Aaaaand now I know that at the end of this I'm just gonna end up reformatting and doing a whole new Time Machine backup anyway. Lesson learned: don't leap into crap before checking around!
 
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ignatius345

macrumors 68030
Aug 20, 2015
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For anyone who makes the same mistake I did -- Disk Utility wasn't offering me the option to convert back to HFS+ so I could use the drive for Time Machine again, but I found these instructions, which worked for me. It's a destructive operation, of course, and your old data is toast.

https://www.techrepublic.com/article/how-to-revert-back-to-apples-hfs-from-apfs/

--------------
Important: there's a typo in the article, and where it says

Code:
diskutil apps deleteContainer /dev/[your disk ID]
that won't do anything because "apps" is invalid (which fortunately a commenter points out).
Instead type "apfs", so:

Code:
diskutil apfs deleteContainer /dev/[your disk ID]
Note that [your disk ID] is of course not part of the code, but you'll find that out in the instructions.
 
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madrich

macrumors 6502
Feb 19, 2012
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World Class City of Chicago
Soooooo, if I understand this situation correctly, when you upgrade (instead of clean install) to High Sierra, HS will convert the existing data on my laptop to APFS,. However, the data files on the Time Machine backup will remain HFS+. RIGHT?
[
 
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ApfelKuchen

macrumors 68040
Aug 28, 2012
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Soooooo, if I understand this situation correctly, when you upgrade (instead of clean install) to High Sierra, HS will convert the existing data on my laptop to APFS,. However, the data files on the Time Machine backup will remain HFS+. RIGHT?
[doublepost=1521654936][/doublepost]Soooooo, if I understand this situation correctly, when you upgrade (instead of clean install) to High Sierra, HS will convert the existing data on my laptop to APFS,. However, the data files on the Time Machine backup will remain HFS+. RIGHT?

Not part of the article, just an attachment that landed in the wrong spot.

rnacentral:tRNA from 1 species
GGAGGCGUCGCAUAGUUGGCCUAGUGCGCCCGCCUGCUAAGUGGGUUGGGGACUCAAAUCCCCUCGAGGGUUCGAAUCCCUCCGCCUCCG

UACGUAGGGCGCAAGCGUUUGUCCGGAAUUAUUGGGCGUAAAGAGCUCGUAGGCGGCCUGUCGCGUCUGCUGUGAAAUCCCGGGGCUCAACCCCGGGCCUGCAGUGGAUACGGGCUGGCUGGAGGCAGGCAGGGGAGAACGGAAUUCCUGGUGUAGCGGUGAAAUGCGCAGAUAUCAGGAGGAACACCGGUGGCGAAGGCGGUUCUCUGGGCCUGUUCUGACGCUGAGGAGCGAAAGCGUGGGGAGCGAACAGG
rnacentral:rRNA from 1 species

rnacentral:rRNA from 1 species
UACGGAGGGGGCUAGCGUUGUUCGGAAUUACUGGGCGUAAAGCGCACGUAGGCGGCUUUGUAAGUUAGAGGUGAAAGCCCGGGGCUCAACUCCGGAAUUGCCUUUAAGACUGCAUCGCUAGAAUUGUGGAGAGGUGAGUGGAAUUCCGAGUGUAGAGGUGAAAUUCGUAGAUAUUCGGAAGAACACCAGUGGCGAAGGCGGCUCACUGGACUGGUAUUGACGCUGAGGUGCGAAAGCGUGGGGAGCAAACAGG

You misunderstand a fundamental - your files do not get modified in any way. The file system that underlies those files is changed. To over-simplify, it's like moving the same files and folders to a new-style filing cabinet. The file system determines how files are manipulated and stored (exactly what happens when you read/write, copy, move, delete, etc.), but the files themselves continue to remain readable on any Apple-compatible file system (HFS+, FAT32, APFS). So, it doesn't matter that your internal HD is APFS but your Time Machine drive is HFS+.

There's no difference between a clean install or an update install of High Sierra - if you have an SSD/Flash storage as your startup/system disk, it will convert that drive to APFS.
 

ignatius345

macrumors 68030
Aug 20, 2015
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Soooooo, if I understand this situation correctly, when you upgrade (instead of clean install) to High Sierra, HS will convert the existing data on my laptop to APFS,. However, the data files on the Time Machine backup will remain HFS+. RIGHT?
As noted in the post above, you're basically right, but your files aren't getting modified, just the drive format is changing.

Whatever you do, just don't get clever like I did and try to convert your Time Machine drive to APFS or you'll nuke your backups. (Five days later and my 5TB external drive is still in the process of reencrypting itself :/ )
 
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haxAT

macrumors newbie
Dec 19, 2018
2
0
Took about 24 hours to convert a 3TB Fusion drive to convert to apfs. Looked like it stopped but continued working. So anybody who runs into this issue give it a LOT of time.